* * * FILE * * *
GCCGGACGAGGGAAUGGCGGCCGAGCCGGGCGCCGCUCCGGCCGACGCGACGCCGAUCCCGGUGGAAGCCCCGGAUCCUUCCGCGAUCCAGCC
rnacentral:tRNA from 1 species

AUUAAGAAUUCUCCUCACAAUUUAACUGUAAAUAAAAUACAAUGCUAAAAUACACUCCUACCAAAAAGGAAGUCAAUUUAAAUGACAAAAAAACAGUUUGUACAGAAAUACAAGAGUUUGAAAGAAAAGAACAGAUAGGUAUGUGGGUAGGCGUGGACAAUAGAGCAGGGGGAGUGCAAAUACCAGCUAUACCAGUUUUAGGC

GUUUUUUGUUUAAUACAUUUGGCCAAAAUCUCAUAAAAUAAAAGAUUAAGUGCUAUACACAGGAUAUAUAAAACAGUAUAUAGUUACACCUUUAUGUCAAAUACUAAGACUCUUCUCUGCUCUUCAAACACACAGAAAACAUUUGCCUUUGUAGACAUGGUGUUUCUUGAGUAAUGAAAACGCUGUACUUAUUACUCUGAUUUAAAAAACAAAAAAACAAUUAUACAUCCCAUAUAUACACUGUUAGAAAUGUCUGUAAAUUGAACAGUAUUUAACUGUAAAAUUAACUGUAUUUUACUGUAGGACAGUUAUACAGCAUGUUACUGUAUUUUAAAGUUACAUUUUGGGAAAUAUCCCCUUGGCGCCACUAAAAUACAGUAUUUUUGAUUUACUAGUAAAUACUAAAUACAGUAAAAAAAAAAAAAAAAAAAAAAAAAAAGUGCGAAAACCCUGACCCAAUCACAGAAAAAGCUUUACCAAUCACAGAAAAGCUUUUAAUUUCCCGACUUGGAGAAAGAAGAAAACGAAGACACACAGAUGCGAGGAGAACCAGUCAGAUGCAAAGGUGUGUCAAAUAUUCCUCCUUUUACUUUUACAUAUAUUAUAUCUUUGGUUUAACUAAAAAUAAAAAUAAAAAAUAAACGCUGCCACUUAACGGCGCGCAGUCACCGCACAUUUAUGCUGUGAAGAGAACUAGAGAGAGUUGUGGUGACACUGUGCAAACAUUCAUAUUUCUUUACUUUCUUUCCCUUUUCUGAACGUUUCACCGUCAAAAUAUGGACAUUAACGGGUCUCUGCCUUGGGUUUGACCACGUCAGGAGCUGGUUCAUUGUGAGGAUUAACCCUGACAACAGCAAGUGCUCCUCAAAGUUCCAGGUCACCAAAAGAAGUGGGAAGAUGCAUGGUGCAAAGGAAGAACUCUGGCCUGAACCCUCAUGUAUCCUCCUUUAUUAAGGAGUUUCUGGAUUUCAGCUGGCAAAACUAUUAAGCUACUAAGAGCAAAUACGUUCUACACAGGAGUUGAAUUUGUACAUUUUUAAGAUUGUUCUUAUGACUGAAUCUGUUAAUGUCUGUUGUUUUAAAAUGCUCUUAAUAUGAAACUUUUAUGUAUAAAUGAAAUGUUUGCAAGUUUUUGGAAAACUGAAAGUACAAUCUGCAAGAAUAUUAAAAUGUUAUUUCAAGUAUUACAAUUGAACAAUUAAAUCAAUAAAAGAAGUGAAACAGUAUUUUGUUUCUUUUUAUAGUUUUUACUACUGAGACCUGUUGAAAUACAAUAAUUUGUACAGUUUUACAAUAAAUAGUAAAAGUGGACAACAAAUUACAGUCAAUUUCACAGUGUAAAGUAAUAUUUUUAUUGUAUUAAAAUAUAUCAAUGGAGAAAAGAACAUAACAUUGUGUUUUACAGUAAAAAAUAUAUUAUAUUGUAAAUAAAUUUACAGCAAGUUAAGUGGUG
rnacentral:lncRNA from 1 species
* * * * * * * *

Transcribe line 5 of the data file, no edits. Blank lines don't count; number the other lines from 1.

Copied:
rnacentral:lncRNA from 1 species